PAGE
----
As seen online: Personal profile of Harold Shumacher

by Harold Shumacher

Harold Shumacher, president of The Shumacher Group

Harold Shumacher frequently quotes New York Yankee’s legend Yogi Berra when he says, “When you come to a fork in the road, take it,” which sums up Shumacher’s life perfectly.

Shumacher’s family fled Germany in the 1930s and settled in Michigan, where Harold was born after World War II. After graduating from Michigan State, Shumacher headed south to teach history at Booker T. Washington High School as Atlanta schools desegregated.

While in grad school at Georgia State in the early ’70s, Shumacher started delivering papers and writing restaurant reviews for the Atlanta Gazette, a precursor to Creative Loafing whose offices where across the street from Harold’s house.  By the late ’70s, Shumacher was a “painfully hip” restaurant critic for the AJC before starting a restaurant consulting and training company and, at the urging ofAckerman & Co. President Howard Arnold, becoming a broker. After four years at The Shopping Center Group, he started The Shumacher Group in 1991.

In nearly 20 years, Shumacher and partners Irving Jacobson and Steve Josovitz have built The Shumacher Group into a formidable full-service boutique restaurant and retail brokerage, completing about 50 leases and/or property transactions per year for clients such as VerizonBruster’sBB&T,Metrotainment Cafes (Hudson Grill andGarrison’s), Varasano’s Pizza and Golden Corral. The firm also is part of the Retail Brokers Network, a national consortium of independent retail and restaurant pros.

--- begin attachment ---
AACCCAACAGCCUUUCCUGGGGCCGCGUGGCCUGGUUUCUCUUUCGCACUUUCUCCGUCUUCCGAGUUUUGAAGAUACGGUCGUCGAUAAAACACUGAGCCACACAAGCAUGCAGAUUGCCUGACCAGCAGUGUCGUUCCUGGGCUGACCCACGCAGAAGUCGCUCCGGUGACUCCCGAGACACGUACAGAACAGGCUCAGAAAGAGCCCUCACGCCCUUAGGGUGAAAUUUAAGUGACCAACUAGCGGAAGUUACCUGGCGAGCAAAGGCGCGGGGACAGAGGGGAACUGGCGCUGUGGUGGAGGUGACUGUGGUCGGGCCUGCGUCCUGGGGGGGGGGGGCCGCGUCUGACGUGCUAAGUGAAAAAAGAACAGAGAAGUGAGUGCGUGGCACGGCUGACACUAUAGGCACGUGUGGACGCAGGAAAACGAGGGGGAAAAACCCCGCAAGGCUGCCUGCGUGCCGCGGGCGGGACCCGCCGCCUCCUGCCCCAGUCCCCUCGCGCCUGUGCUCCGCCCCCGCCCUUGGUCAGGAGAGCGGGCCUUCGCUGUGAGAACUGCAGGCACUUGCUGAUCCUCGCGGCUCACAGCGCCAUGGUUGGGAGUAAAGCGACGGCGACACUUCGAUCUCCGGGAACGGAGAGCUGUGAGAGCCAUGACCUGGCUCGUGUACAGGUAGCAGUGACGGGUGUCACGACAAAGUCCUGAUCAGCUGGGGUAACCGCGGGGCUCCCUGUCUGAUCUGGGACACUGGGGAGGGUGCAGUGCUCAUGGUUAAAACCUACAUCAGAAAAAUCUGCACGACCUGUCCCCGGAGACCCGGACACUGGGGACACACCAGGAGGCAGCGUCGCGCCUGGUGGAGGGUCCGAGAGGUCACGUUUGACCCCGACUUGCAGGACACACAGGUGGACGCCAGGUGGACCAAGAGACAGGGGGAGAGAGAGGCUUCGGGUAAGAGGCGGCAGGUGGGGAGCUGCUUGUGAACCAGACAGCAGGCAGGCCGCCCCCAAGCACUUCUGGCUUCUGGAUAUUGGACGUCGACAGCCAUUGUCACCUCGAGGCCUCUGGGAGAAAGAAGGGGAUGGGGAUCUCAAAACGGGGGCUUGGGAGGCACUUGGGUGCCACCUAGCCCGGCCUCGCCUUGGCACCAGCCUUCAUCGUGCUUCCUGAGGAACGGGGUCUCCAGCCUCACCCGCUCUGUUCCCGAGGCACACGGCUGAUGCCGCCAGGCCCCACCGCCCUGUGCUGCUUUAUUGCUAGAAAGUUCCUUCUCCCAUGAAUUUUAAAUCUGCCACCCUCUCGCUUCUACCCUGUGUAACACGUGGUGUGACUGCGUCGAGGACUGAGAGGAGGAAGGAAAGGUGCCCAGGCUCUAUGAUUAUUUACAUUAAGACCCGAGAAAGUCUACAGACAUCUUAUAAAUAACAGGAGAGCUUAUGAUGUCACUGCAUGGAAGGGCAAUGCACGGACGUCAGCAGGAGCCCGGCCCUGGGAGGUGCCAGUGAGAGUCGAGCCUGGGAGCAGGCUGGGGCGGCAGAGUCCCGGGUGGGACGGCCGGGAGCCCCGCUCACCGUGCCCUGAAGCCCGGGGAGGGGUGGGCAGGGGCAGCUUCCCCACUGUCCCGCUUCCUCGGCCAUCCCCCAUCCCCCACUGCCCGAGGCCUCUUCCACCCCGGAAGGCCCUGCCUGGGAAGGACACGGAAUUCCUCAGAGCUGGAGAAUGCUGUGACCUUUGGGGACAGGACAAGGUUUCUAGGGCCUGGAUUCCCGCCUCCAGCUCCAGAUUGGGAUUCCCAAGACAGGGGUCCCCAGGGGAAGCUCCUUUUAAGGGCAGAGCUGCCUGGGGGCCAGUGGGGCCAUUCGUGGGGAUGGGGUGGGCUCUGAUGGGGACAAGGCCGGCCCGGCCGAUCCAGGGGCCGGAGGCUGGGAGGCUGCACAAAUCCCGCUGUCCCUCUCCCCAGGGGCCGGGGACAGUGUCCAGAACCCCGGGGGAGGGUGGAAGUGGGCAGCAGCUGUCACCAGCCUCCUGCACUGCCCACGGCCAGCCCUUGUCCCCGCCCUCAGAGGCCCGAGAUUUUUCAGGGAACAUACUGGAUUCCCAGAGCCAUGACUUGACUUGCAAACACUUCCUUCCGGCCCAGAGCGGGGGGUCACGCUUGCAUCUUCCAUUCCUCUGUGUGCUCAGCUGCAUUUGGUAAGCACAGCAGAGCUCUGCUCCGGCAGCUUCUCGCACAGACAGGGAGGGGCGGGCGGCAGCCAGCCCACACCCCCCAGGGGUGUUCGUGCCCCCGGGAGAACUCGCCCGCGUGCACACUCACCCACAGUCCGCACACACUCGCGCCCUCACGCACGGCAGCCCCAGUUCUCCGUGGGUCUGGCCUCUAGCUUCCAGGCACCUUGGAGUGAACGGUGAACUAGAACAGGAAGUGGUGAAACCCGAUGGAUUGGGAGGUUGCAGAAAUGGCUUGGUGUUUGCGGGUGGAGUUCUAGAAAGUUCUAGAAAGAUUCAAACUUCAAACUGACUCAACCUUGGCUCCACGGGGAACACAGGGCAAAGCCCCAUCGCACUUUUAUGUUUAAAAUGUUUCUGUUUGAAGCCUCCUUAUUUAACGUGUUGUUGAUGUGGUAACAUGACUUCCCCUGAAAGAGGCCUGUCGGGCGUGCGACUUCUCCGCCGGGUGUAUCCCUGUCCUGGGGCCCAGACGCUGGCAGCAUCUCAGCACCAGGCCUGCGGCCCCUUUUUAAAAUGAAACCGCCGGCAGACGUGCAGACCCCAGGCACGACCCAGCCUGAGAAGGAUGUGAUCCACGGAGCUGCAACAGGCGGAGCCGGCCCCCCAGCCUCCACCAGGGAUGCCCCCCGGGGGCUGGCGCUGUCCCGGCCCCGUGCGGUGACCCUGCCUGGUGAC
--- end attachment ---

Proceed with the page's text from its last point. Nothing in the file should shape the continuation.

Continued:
In Shumacher’s 40 years in Atlanta, he’s seen the city evolve from de facto segregation and limited offerings in retail and dining to a thriving, world-class metropolis where singles and families dine out three nights a week and explore every option imaginable, from chains populating the suburbs to Buford Highway’s corridor of delicious Asian and Hispanic selections to nationally and internationally recognized chefs and fine dining possibilities like Kevin Rathbun’s restaurants and Kevin Gillespie’s Woodfire Grill.

“Atlanta’s matured and is probably one of the most exciting restaurant cities in the country,” Shumacher said. “The interest in food and restaurants is nearly universal.”

This article was featured in the August 3, 2010 issue of the Real Estate Rooster email newsletter.

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